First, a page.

Shaken vs. Stirred. What’s the difference and when should you do what?
When should a cocktail be shaken and when should it be stirred? The rules say that you should shake cocktails when the recipe includes fruit juices, cream liqueurs, simple syrup, sour mix, egg, dairy, or any other thick or flavorful mixer. Shaking a cocktail creates a little bit of foam, making a brighter, bubbly, and more refreshing drink. Essentially, use the shake whenever you need to ensure that every ingredient is fully integrated into the finished drink.
Due to the more violent nature of the shake, this method will also break down more ice and add a greater amount of water to the drink. This dilution is actually a good thing because it creates a well-balanced cocktail in which all the ingredients blend to become one. Shaking also adds texture and aeration.
Stir cocktails that include distilled spirits or very light mixers only. Martinis, Manhattans, Old-Fashioneds, any booze-forward drink should be stirred. These drinks are stronger, spirit-forward, and sipped more slowly. Stirring is a gentler technique for mixing cocktails. It is used to delicately combine the drinks with a perfect amount of dilution from the ice.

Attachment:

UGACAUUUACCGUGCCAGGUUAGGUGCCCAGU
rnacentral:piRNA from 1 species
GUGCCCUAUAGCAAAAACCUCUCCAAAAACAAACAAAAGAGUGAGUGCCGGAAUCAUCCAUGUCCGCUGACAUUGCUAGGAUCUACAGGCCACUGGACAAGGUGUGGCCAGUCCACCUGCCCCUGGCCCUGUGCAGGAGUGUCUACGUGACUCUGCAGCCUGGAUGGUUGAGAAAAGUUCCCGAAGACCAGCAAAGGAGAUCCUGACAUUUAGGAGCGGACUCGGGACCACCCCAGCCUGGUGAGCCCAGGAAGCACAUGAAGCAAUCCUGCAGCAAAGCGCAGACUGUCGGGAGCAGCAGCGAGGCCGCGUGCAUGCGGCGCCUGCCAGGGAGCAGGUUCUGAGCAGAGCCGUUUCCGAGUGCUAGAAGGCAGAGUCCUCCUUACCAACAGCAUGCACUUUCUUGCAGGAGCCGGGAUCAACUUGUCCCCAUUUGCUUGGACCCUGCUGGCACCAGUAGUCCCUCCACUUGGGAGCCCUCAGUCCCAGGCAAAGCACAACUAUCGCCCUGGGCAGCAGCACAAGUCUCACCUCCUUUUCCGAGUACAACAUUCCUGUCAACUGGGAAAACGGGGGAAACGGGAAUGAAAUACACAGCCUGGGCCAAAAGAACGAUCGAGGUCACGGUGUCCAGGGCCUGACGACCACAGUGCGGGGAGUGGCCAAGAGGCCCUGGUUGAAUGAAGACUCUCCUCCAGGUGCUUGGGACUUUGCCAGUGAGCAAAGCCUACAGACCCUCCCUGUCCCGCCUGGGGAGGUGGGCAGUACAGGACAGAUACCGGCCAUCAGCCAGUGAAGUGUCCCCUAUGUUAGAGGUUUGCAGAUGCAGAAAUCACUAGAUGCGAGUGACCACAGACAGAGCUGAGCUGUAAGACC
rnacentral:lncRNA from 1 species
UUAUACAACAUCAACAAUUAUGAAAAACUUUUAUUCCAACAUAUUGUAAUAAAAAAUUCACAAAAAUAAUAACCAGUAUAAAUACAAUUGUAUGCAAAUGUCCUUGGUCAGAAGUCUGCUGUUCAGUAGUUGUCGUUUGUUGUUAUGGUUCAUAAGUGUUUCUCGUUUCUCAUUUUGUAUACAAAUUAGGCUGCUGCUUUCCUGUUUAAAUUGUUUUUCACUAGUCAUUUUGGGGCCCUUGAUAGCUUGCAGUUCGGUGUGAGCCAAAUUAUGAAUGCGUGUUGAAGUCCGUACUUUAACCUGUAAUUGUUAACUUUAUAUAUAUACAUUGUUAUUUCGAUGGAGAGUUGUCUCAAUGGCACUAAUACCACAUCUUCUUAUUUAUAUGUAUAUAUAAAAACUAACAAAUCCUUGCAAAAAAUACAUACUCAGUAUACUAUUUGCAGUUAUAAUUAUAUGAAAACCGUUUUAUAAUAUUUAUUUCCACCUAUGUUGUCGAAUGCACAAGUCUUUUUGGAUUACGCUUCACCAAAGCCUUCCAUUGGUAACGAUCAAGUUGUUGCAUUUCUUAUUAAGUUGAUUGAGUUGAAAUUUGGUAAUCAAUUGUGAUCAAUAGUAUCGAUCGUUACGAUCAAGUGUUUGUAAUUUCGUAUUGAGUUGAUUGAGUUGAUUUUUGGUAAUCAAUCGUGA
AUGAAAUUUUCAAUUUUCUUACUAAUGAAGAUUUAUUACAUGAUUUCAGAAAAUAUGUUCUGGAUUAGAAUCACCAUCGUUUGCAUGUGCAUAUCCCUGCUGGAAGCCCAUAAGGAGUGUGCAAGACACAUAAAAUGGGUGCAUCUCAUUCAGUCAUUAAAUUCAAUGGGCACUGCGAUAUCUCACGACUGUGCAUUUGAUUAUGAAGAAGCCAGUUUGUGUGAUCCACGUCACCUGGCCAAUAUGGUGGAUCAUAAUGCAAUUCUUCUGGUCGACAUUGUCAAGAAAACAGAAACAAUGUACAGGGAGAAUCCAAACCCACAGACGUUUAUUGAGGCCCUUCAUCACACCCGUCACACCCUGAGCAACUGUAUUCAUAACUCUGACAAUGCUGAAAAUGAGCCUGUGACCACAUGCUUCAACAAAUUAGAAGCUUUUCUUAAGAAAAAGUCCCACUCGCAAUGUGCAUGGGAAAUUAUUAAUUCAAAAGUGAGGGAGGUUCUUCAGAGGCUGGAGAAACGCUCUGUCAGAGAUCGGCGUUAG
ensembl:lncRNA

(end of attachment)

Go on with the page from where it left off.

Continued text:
This shaken versus stirred “rule” refers to cocktails and not necessarily mixed drinks which are built directly into a glass, think a vodka tonic or a screwdriver. There are of course exceptions and personal preference. Drinks with carbonated soda are best served without stirring or shaking; these cocktails are created by pouring ingredients on top of one another into the glass, then adding ice if desired.
So shake it, or stir it. Or have it your way.